What is the Best Cold Shoe Flash Bracket? | Never Break A Speedlight Again
We’ve all heard that devastating thud of a speedlight falling, taking down your beloved $100 – $1,000 light along with your umbrella. You slowly walk over to see what the damage is and see a huge crack, running through your cold shoe bracket, or even worse…a cracked speedlight.
Here lie just a few of my fallen flashes – gone too early and all because of a flimsy cold shoe mount. Feeling triggered? Well, we’ve just about had enough of these accidents happening consistently and decided it’s time to compare speedlight umbrella mounts to see which one reigns supreme and will secure your flashes through it all in the Ultimate Cold Shoe-down.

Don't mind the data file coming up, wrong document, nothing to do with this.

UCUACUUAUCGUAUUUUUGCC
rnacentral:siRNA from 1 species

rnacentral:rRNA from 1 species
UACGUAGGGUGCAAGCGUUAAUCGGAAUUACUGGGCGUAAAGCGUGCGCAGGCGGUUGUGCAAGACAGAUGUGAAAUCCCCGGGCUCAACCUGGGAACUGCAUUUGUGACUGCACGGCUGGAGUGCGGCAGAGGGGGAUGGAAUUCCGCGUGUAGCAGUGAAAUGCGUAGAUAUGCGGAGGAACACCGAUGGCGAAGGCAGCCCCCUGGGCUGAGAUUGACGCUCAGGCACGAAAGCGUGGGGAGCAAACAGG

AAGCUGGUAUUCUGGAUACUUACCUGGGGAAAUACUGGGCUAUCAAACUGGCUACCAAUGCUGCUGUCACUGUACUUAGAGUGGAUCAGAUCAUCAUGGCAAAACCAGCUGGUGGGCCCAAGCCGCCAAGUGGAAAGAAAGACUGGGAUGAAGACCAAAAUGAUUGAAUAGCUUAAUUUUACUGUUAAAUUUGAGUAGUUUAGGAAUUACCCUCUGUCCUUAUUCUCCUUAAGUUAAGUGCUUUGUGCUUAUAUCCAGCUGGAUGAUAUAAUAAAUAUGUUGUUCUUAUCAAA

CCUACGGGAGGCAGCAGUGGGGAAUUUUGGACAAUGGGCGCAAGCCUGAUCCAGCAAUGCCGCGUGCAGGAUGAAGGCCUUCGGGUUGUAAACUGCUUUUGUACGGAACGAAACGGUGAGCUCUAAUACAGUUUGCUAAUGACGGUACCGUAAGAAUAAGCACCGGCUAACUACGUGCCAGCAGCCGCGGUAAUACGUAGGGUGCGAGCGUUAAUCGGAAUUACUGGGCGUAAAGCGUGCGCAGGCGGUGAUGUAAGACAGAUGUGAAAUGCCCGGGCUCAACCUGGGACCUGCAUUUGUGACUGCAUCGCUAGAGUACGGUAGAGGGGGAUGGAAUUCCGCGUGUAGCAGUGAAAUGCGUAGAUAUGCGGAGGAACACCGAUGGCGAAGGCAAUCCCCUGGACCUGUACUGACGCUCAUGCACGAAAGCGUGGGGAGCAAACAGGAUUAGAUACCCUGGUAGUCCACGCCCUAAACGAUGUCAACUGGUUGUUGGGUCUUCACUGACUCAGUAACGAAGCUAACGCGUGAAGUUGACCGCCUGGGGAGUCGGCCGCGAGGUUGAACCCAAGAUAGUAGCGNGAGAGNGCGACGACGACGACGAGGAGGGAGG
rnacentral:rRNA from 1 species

Speedlight Umbrella Mount Contenders
- Westcott Triple Threat Speedlite Bracket ($30)
- Amazon’s Top Choice: FOTYRIG Camera Flash Speedlite Mount Light (2 for $15)
- MagMod MagShoe ($60)
- Manfrotto Lite Tite Swivel Umbrella Adapter ($32)
- Phottix Varos Pro M Multi-Function Flash Shoe Umbrella Holder ($25)
Cold Shoe Flash Bracket Security & Durability
When shopping for a cold shoe mount, the top priority should be whether or not it can securely fasten your flash no matter what. While screw knobs like you see on most flash brackets have done the job for years, over time they have the potential to get stuck or lose their springs/knobs, inevitably leading to a fallen flash.